Thursday, December 31, 2009

The Magic Mountain (3): Death and nature


3. Death and nature

The concomitant of time, of course, is death, and death hangs heavily over The Magic Mountain. From the beginning, there is an aura of death surrounding Hans Castorp, from the early demises of his family to the gradual loss of those he loves in the sanatorium. Indeed he almost seems in thrall to death and, if not actually embracing it, then he certainly does not repel it. This is emphasised by his passivity, his acceptance of illness – particularly his own – and the sanguinity with which he accepts the various deaths of those around him in the course of the novel. Only Mme Chauchat seems to arouse any emotion in him. It is not exactly a death wish he has but nor, initially, does his attitude appear to represent any joy in living. All of this Mann achieves through creating an interior, subjective view of life, hermetically enclosed within the sanatorium, so that we are faced with layers of constriction – from Castorp’s passivity through to the dreamlike quality of the magic mountain itself.

For all that, this is not a morbid novel. Indeed, as Ames points out, Mann himself denied such accusations: ‘Against the charge that he used disease and death for romantic horror he maintained that he invoked them as "great teachers".’ Thus, while Hans is told by Dr Behrens that ‘living consists in dying’, and is therefore a seductive mistress, the pedagogue Settembrini is simultaneously teaching him of its dangers. Irvin Stock notes:

there have been moments when Settembrini…has opposed the bias toward death and affirmed the " bourgeois" emphasis on life in ways that seem to be spared his author's usual irony, and it was he to whom Hans Castorp—and the reader—listened with respect. "Death," he has said, "is worthy of homage as the cradle of life, the womb of polygenesis," but "severed from life," it exerts "a vicious attraction" for, he adds later, it "unlooses," it brings "deliverance," not "from evil... but ... by evil. It relaxes manners and morals, it frees man from discipline and restraint, it abandons him to lust". Our hero has to know from his own mountain experience that this is true. And though the novel is one long demonstration of the value for life of such "relaxation," it will now show itself as a warning against valuing it for its own sake, over life.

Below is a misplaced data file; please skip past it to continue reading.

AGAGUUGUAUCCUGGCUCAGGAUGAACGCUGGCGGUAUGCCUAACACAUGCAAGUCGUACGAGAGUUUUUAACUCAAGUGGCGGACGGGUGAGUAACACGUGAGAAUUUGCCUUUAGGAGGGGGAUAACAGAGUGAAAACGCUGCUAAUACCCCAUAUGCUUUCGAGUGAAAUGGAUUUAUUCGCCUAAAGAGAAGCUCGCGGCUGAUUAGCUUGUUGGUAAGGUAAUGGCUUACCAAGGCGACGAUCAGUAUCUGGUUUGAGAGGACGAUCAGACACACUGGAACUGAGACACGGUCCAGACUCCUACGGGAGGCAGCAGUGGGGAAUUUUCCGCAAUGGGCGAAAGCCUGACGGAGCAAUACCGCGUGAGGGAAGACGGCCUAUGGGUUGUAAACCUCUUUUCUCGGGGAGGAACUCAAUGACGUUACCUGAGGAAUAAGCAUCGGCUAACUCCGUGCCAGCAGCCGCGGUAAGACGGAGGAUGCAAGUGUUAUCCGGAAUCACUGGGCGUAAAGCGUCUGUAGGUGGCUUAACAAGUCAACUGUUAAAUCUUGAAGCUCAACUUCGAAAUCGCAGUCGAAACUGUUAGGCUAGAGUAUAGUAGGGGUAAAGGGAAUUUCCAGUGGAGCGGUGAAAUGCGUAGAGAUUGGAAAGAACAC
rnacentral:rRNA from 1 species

Mann gives his most explicit evidence of this when he suggests:

It is a fact that a man’s dying is more the survivors’ affair than his own. Whether he realizes it or not, he illustrates the pertinence of the adage: So long as we are, death is not; and when death is present, we are not. In other words, between death and us there is no rapport.

Thus, through the course of the novel, Hans Castorp is reconciled to death in a way that is different from the almost romantic attachment he felt towards it at the beginning. As Mann explains:

even Hans Castorp, in the course of his experiences, overcomes his inborn attraction to death and arrives at an understanding of a humanity that does not, indeed, rationalistically ignore death, nor scorn the dark, mysterious side of life, but takes account of it, without letting it get control over his mind.